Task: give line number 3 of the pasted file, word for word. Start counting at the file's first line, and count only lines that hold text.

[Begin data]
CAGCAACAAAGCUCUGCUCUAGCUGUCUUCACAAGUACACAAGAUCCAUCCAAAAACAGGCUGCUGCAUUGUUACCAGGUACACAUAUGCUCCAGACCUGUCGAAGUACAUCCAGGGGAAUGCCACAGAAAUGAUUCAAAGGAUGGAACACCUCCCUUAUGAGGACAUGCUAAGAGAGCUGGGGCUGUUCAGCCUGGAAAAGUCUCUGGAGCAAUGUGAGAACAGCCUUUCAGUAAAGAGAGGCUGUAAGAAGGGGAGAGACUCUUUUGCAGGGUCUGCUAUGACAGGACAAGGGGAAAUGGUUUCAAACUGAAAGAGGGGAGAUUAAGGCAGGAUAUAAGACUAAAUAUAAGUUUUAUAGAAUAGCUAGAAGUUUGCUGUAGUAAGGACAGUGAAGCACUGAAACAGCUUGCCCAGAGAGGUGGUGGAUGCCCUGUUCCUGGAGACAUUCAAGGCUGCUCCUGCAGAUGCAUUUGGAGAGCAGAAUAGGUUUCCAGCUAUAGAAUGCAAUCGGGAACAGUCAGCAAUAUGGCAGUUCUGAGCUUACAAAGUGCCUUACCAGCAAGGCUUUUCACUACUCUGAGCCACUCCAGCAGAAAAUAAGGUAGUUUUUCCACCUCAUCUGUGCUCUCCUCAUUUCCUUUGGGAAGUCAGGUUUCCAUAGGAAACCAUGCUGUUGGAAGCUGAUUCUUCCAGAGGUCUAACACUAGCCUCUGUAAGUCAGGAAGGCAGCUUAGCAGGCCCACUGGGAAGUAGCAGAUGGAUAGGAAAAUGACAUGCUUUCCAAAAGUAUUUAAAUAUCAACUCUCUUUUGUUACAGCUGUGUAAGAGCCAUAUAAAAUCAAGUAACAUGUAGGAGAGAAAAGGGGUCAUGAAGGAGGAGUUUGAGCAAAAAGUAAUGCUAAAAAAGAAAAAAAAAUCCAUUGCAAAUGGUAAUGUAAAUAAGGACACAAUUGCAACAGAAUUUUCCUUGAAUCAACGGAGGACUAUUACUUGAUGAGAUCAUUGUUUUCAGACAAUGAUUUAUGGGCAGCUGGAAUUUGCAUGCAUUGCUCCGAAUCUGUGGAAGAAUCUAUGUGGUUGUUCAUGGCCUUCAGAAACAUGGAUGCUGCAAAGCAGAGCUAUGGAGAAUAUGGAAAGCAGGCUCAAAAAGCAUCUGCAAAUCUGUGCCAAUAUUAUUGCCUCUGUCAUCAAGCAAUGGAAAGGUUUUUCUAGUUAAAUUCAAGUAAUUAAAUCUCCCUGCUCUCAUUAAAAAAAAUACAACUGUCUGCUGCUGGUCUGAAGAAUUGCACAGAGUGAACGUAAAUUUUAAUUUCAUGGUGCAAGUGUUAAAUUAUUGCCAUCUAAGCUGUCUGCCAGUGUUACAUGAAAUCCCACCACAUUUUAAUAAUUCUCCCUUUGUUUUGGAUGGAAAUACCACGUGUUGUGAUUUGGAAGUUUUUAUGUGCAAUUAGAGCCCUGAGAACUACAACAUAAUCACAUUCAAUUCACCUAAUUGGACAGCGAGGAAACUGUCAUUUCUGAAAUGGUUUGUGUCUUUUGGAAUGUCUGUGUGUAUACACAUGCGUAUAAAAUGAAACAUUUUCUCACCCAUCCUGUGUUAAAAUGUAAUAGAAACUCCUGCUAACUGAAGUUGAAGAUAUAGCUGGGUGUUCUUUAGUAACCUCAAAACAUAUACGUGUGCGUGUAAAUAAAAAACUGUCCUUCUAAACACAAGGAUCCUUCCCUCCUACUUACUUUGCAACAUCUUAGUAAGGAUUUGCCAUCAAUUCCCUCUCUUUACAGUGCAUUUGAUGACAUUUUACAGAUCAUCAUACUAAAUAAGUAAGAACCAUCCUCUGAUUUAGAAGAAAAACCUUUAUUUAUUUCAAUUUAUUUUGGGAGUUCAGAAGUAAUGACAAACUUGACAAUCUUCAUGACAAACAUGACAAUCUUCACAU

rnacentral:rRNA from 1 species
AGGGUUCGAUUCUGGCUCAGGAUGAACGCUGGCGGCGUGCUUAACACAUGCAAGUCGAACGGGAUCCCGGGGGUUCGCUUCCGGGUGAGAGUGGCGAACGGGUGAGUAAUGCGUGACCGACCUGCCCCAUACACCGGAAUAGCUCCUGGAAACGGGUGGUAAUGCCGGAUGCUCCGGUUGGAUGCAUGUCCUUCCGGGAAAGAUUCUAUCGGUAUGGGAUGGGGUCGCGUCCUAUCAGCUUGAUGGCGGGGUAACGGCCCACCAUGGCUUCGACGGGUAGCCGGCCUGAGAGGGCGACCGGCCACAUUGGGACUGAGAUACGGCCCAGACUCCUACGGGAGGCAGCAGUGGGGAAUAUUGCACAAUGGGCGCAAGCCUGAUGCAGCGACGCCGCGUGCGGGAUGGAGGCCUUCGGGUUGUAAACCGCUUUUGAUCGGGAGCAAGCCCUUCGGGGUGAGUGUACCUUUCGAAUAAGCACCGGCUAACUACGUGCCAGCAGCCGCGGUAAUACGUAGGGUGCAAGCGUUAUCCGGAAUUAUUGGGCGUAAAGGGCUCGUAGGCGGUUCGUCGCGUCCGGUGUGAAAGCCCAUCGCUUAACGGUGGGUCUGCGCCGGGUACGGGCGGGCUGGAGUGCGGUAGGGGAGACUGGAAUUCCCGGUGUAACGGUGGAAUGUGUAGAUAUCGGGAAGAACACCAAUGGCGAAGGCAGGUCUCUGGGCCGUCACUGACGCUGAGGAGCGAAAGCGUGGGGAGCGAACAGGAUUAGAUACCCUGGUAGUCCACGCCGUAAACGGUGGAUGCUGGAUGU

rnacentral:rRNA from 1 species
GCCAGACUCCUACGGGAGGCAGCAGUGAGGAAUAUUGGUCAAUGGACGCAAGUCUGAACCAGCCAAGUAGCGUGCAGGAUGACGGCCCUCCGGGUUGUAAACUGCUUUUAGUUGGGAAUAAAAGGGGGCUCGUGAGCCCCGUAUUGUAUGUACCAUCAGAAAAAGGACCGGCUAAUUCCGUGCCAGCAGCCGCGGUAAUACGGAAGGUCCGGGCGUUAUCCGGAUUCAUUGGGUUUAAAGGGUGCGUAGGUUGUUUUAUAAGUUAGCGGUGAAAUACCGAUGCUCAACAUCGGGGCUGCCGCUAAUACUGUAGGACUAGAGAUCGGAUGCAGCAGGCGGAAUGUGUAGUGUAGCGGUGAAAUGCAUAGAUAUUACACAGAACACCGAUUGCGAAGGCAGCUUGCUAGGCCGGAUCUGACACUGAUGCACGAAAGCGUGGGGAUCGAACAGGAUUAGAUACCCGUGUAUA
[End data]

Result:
AGGGUUCGAUUCUGGCUCAGGAUGAACGCUGGCGGCGUGCUUAACACAUGCAAGUCGAACGGGAUCCCGGGGGUUCGCUUCCGGGUGAGAGUGGCGAACGGGUGAGUAAUGCGUGACCGACCUGCCCCAUACACCGGAAUAGCUCCUGGAAACGGGUGGUAAUGCCGGAUGCUCCGGUUGGAUGCAUGUCCUUCCGGGAAAGAUUCUAUCGGUAUGGGAUGGGGUCGCGUCCUAUCAGCUUGAUGGCGGGGUAACGGCCCACCAUGGCUUCGACGGGUAGCCGGCCUGAGAGGGCGACCGGCCACAUUGGGACUGAGAUACGGCCCAGACUCCUACGGGAGGCAGCAGUGGGGAAUAUUGCACAAUGGGCGCAAGCCUGAUGCAGCGACGCCGCGUGCGGGAUGGAGGCCUUCGGGUUGUAAACCGCUUUUGAUCGGGAGCAAGCCCUUCGGGGUGAGUGUACCUUUCGAAUAAGCACCGGCUAACUACGUGCCAGCAGCCGCGGUAAUACGUAGGGUGCAAGCGUUAUCCGGAAUUAUUGGGCGUAAAGGGCUCGUAGGCGGUUCGUCGCGUCCGGUGUGAAAGCCCAUCGCUUAACGGUGGGUCUGCGCCGGGUACGGGCGGGCUGGAGUGCGGUAGGGGAGACUGGAAUUCCCGGUGUAACGGUGGAAUGUGUAGAUAUCGGGAAGAACACCAAUGGCGAAGGCAGGUCUCUGGGCCGUCACUGACGCUGAGGAGCGAAAGCGUGGGGAGCGAACAGGAUUAGAUACCCUGGUAGUCCACGCCGUAAACGGUGGAUGCUGGAUGU